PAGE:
July 13, 2008

The Jebel Hafeet Mountain Road in the United Arab Emirates (UAE) is the greatest driving road in the world. Stretching for 7.3 miles and climbing nearly 4,000 feet, it boasts 60 corners and a surface so smooth that it would flatter a racetrack. It could easily be described as the eighth wonder of the world, but almost nothing is known about its creation.

The road is cut into the Jebel Hafeet mountain, the highest peak in the United Arab Emirates, the oil-rich Persian Gulf state. The mountain spans the border with Oman and lies about 90 minutes' drive southeast of the thriving city of Dubai. It looks down upon a dusty, desert landscape that belies a nation of astonishing wealth.

An unknown history
The view beyond the Mini's hood could have been rendered by a computer game designer, after a Red Bull too many. Three lanes of immaculate highway — two up and one down — are carved into the limestone mountain in one continuous squiggle.

Desperate for more information, we seek out the manager of the Mercure Hotel that opened at the top of the mountain three years ago. Rajesh Kapoor reckons that the road "was completed about a dozen years ago. I think the architect was Swedish because we had a Swedish guest stay who claimed that her husband was responsible for it." But that contradicts a claim made in a natural history guidebook that says the road was built in 1987.

Official sources suggest it was built as a honey pot for tourists who travel from nearby cities to sample the mountain air. But with the exception of the surprisingly mediocre hotel, there's almost nothing here. The road culminates in a huge car park, but the tatty café is unworthy of custom.

Perhaps the real, unspoken reason for the road's existence is to be found a mile from the hotel. There, sitting on top of the mountain, is a huge palace belonging to Sheikh Zayed bin Sultan Al Nahyan, the current ruler of the Emirates. His face also adorns a huge banner announcing the entrance to the road and it's under his watch that it was constructed. This incredible feat of engineering is actually no more than a giant driveway. It's enough to make Bill Gates green with envy.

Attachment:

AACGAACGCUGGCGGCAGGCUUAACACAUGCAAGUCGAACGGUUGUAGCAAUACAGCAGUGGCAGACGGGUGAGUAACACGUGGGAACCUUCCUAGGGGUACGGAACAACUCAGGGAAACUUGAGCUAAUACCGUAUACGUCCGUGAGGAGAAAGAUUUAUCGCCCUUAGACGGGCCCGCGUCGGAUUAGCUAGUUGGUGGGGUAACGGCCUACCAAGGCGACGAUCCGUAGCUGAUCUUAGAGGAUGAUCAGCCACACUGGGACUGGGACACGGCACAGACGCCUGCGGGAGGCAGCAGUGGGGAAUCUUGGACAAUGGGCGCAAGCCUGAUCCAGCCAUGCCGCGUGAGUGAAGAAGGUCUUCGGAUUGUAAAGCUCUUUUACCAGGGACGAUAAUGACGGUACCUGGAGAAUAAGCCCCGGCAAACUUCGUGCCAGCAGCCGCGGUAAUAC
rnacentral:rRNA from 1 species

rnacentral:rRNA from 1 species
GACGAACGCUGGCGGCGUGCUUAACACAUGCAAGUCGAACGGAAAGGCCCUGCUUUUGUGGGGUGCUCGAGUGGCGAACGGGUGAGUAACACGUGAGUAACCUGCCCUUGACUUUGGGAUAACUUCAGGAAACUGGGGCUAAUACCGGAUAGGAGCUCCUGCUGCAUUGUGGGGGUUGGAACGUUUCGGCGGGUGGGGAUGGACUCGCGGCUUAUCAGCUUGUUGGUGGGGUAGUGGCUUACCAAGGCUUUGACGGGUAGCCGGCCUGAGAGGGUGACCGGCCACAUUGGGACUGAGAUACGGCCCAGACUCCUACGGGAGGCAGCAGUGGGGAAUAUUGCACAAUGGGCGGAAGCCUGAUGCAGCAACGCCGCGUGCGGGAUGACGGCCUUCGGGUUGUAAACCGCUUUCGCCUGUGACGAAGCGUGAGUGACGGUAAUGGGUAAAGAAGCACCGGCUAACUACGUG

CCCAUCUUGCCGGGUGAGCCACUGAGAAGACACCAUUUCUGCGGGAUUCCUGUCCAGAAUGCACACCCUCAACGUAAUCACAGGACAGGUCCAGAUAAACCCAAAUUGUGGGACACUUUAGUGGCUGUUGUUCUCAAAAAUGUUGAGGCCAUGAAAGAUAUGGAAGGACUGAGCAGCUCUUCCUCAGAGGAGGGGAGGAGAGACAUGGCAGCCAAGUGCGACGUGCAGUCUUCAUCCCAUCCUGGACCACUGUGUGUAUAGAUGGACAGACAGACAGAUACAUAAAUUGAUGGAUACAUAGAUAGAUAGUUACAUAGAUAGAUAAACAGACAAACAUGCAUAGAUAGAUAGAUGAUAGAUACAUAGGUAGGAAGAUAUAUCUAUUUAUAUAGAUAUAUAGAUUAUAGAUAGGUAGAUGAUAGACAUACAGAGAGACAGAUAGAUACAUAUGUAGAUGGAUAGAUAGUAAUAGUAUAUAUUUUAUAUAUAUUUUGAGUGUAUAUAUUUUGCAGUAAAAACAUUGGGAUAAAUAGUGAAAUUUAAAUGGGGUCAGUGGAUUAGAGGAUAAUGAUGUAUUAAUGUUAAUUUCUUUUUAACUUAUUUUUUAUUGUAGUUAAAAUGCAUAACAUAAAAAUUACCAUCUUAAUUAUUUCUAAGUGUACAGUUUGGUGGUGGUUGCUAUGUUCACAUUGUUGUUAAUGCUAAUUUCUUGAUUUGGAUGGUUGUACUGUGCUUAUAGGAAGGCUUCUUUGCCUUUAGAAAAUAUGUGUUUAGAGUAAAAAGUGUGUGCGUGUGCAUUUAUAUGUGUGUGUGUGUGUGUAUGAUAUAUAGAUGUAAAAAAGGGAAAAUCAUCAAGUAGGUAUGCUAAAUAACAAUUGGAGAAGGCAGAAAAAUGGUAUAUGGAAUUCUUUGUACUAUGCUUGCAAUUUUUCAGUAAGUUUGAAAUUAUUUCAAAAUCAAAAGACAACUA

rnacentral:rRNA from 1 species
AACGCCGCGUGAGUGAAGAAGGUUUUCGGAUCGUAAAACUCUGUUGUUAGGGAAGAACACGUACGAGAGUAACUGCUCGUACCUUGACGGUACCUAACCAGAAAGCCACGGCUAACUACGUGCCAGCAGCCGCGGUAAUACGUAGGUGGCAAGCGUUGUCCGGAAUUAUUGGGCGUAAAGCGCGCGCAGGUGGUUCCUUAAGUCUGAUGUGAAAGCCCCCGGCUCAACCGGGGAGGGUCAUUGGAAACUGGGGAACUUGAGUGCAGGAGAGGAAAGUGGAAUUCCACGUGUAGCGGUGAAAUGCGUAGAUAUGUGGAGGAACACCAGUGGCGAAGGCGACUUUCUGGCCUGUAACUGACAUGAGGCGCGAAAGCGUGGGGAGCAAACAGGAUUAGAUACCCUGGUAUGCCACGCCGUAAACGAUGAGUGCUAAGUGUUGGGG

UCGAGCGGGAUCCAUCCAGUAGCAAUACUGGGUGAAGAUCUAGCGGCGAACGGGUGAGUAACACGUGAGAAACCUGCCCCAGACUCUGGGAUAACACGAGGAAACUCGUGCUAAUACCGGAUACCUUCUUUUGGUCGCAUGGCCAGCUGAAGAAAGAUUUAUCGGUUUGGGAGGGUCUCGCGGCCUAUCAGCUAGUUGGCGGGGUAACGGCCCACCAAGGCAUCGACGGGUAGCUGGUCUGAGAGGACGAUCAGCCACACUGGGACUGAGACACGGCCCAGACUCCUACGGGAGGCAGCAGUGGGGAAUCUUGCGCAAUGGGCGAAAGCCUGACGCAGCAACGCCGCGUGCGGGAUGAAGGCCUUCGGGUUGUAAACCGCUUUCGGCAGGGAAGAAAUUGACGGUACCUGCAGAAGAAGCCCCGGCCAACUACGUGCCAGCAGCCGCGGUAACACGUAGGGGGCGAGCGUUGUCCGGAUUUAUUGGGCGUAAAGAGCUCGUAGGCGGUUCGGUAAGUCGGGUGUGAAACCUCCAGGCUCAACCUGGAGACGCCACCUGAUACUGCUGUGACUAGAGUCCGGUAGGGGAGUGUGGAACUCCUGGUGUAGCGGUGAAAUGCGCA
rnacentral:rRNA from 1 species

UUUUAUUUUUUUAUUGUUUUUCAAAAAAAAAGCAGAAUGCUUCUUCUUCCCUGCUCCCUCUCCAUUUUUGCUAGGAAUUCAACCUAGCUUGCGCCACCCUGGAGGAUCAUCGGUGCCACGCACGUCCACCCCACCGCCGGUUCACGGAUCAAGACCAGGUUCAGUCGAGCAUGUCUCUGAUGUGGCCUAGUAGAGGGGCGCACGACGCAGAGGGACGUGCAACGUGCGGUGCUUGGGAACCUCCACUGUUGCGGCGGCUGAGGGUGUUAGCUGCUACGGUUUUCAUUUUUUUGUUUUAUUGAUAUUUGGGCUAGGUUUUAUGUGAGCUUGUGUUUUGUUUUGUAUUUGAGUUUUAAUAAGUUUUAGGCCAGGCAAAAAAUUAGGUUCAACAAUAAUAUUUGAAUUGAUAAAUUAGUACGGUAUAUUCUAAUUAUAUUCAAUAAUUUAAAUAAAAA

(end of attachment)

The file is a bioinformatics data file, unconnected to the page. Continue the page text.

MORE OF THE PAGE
The streetlamps, of which there must be 500, are tuned to light not only the road, but also the adjacent rock. At Le Mans, 230-mph racecars must light the Mulsanne for themselves, while here in the Emirates, an empty road is slow-roasted by a million watts.

Further down the mountain we find a series of lurid tire marks, suggesting that we're not the only enthusiasts taking advantage of this motoring nirvana. The appearance of black paint on one of the border posts even suggests that some might have been trying a little too hard. Our friendly hotelier reckons that Land Rover's test engineers have been using the mountain for hot-weather testing and that the residents of Weissach (Porsche) will soon be paying him a visit.

Sheikh Zayed bin Sultan Al Nahyan spared no expense when he commissioned the Hafeet Mountain Road. It would be easy to dismiss such extravagance as vulgar, but that would be to demean the majesty of the achievement. In every sense of the word, this is the world's greatest drive.


Anonymous said...

Now that was a hellva post...

Scott said...

I feel a little bit smarter. Thanks Jeff!

Anonymous said...

My sister lives in UAE and there all good for nothing, lazy, and fat. Plus no BOOZE in the entire place, and good luck finding a pork chop!

Nads said...

That road's in the new Land Rover ad, I saw it last night.

Anonymous, my wife was talking about taking a job in Dubai, I said "fuck that" I like my freedom a little more than a temporary infusion of cash.